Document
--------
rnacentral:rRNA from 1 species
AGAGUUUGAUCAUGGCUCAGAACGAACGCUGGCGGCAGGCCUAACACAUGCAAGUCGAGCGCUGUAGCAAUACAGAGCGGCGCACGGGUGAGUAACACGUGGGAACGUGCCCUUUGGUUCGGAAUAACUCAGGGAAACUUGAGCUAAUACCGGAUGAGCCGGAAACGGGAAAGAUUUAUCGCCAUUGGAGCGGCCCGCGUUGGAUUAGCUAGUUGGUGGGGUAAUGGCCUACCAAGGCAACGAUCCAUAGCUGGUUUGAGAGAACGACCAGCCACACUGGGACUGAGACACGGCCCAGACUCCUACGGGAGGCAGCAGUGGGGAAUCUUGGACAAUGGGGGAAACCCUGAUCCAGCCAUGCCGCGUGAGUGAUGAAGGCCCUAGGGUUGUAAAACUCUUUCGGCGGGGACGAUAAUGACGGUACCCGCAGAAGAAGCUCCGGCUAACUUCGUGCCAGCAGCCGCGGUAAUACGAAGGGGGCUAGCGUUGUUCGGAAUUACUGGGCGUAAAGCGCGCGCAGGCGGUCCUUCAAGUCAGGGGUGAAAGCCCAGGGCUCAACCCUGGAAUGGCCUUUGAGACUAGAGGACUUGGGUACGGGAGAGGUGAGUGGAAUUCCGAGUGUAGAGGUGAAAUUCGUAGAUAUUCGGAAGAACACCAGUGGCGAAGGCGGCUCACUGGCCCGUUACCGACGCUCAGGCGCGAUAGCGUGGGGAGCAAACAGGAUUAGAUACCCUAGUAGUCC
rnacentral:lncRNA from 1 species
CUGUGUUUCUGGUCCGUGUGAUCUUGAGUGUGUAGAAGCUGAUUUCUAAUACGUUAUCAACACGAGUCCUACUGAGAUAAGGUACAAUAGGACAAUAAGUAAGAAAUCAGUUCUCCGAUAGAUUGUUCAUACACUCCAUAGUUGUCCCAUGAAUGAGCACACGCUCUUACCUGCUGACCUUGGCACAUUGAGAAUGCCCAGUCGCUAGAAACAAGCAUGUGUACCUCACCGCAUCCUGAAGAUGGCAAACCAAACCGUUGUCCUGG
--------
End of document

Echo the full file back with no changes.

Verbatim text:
rnacentral:rRNA from 1 species
AGAGUUUGAUCAUGGCUCAGAACGAACGCUGGCGGCAGGCCUAACACAUGCAAGUCGAGCGCUGUAGCAAUACAGAGCGGCGCACGGGUGAGUAACACGUGGGAACGUGCCCUUUGGUUCGGAAUAACUCAGGGAAACUUGAGCUAAUACCGGAUGAGCCGGAAACGGGAAAGAUUUAUCGCCAUUGGAGCGGCCCGCGUUGGAUUAGCUAGUUGGUGGGGUAAUGGCCUACCAAGGCAACGAUCCAUAGCUGGUUUGAGAGAACGACCAGCCACACUGGGACUGAGACACGGCCCAGACUCCUACGGGAGGCAGCAGUGGGGAAUCUUGGACAAUGGGGGAAACCCUGAUCCAGCCAUGCCGCGUGAGUGAUGAAGGCCCUAGGGUUGUAAAACUCUUUCGGCGGGGACGAUAAUGACGGUACCCGCAGAAGAAGCUCCGGCUAACUUCGUGCCAGCAGCCGCGGUAAUACGAAGGGGGCUAGCGUUGUUCGGAAUUACUGGGCGUAAAGCGCGCGCAGGCGGUCCUUCAAGUCAGGGGUGAAAGCCCAGGGCUCAACCCUGGAAUGGCCUUUGAGACUAGAGGACUUGGGUACGGGAGAGGUGAGUGGAAUUCCGAGUGUAGAGGUGAAAUUCGUAGAUAUUCGGAAGAACACCAGUGGCGAAGGCGGCUCACUGGCCCGUUACCGACGCUCAGGCGCGAUAGCGUGGGGAGCAAACAGGAUUAGAUACCCUAGUAGUCC
rnacentral:lncRNA from 1 species
CUGUGUUUCUGGUCCGUGUGAUCUUGAGUGUGUAGAAGCUGAUUUCUAAUACGUUAUCAACACGAGUCCUACUGAGAUAAGGUACAAUAGGACAAUAAGUAAGAAAUCAGUUCUCCGAUAGAUUGUUCAUACACUCCAUAGUUGUCCCAUGAAUGAGCACACGCUCUUACCUGCUGACCUUGGCACAUUGAGAAUGCCCAGUCGCUAGAAACAAGCAUGUGUACCUCACCGCAUCCUGAAGAUGGCAAACCAAACCGUUGUCCUGG